This image provided by the U.S. Navy shows damage sustained on the port side… (U.S. Navy )
A four-day pretrial hearing of a man accused of being a mastermind of the attack on the U.S. destroyer Cole kicked off Monday with the judge ruling against the defense, which says the government has eavesdropped on its confidential conversations.
Army Col. James L. Pohl denied a defense motion to halt a pretrial hearing for Abd Rahim Nashiri, accused of overseeing the bombing in October 2000 of the Cole in Yemen. Seventeen U.S. sailors were killed and 37 wounded in the bombing.
Pohl said he has not seen any evidence the government eavesdropped on private conversations between the prisoner and his lawyers, according to the Associated Press.
After the ruling was announced, the court went into recess to allow lawyers time to consult with their client and determine whether they will continue representing Nashiri, who has been in U.S. custody since 2006.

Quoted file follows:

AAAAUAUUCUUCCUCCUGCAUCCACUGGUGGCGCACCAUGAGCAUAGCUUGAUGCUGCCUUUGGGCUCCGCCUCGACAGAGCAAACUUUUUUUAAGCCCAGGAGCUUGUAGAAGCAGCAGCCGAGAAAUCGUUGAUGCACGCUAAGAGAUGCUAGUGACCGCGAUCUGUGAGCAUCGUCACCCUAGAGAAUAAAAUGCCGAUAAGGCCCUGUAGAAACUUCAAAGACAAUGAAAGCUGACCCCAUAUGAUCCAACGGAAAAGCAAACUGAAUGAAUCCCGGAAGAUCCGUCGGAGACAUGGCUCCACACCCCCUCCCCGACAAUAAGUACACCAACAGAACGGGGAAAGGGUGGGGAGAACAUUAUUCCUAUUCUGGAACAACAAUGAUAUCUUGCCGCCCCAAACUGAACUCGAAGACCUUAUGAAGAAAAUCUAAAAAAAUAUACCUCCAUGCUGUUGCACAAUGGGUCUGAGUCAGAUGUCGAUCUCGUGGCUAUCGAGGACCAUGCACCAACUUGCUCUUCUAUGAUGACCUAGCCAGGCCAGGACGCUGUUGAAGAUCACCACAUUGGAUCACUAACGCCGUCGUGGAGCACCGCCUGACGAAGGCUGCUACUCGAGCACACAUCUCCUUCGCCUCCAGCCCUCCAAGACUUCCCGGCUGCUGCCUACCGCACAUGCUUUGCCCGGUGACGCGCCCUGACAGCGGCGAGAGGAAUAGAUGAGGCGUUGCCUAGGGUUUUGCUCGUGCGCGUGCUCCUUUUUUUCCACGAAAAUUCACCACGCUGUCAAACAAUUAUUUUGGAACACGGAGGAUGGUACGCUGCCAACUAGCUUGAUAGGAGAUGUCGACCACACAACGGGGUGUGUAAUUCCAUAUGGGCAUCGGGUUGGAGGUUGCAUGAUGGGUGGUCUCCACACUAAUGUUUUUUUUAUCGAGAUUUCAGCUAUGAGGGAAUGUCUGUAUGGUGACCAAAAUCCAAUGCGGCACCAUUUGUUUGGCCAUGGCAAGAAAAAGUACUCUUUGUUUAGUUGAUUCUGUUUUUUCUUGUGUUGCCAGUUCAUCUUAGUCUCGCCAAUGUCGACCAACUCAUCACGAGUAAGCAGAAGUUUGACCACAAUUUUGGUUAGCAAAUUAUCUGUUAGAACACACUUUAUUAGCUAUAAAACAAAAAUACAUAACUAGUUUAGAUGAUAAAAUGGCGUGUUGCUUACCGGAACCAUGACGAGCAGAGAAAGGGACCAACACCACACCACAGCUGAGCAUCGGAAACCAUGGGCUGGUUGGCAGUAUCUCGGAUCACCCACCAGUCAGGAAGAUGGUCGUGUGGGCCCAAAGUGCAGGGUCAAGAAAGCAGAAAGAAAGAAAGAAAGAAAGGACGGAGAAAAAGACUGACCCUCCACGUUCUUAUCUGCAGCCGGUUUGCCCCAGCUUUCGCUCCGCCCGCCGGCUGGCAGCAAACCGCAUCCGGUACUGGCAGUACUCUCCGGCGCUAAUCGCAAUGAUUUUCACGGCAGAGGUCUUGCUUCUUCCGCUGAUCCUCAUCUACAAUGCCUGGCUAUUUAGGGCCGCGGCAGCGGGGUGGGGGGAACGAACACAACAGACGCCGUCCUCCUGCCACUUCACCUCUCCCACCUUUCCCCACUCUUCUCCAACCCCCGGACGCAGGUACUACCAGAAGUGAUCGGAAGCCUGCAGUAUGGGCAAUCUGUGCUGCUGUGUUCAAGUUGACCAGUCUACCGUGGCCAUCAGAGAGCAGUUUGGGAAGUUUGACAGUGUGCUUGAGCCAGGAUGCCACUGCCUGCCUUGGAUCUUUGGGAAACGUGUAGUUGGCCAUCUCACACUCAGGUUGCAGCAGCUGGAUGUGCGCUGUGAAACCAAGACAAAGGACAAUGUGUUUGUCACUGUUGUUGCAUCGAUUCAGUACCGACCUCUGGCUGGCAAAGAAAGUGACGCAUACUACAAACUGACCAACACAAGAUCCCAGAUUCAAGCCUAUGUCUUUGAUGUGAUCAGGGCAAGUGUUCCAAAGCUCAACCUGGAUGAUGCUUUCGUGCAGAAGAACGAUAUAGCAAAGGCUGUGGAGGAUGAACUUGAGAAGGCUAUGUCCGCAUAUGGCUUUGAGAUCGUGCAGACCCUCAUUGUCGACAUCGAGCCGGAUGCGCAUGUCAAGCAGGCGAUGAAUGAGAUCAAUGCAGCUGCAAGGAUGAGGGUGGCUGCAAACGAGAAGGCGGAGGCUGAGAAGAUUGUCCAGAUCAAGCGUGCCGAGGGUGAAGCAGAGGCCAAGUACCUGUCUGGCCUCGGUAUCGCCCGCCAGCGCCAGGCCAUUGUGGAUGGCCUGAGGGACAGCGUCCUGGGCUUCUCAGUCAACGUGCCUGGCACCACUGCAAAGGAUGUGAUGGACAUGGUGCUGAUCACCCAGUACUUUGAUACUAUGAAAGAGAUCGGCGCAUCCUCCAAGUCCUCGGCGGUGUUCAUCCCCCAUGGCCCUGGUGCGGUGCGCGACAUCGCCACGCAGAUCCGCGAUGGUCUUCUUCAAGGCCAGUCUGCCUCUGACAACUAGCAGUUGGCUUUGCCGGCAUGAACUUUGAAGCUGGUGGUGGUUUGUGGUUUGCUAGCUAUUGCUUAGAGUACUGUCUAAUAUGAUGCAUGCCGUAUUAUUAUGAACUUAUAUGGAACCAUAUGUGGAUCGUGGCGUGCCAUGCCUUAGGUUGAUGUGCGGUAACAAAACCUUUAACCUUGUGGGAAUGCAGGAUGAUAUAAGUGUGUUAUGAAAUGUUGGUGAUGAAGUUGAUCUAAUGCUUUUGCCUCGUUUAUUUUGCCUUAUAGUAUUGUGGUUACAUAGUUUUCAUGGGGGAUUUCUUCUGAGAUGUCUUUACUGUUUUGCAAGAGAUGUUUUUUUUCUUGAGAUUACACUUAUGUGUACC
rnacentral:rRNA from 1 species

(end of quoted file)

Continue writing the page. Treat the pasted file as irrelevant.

Defense attorneys have said they may seek to postpone the hearing amid questions raised last week about whether a third-party government agency is capable of eavesdropping on conversations between the defendant and his lawyers.
There are numerous pretrial motions pending, according to the Associated Press. Among them is one that seeks to stop the government from restraining the defendant with belly chains while moving him around the U.S. prison in Cuba.
The case is being tried at the U.S. base at Guantanamo Bay in Cuba. A video feed is sent to Fort Meade in Maryland, where it is monitored by the Associated Press and other news outlets.
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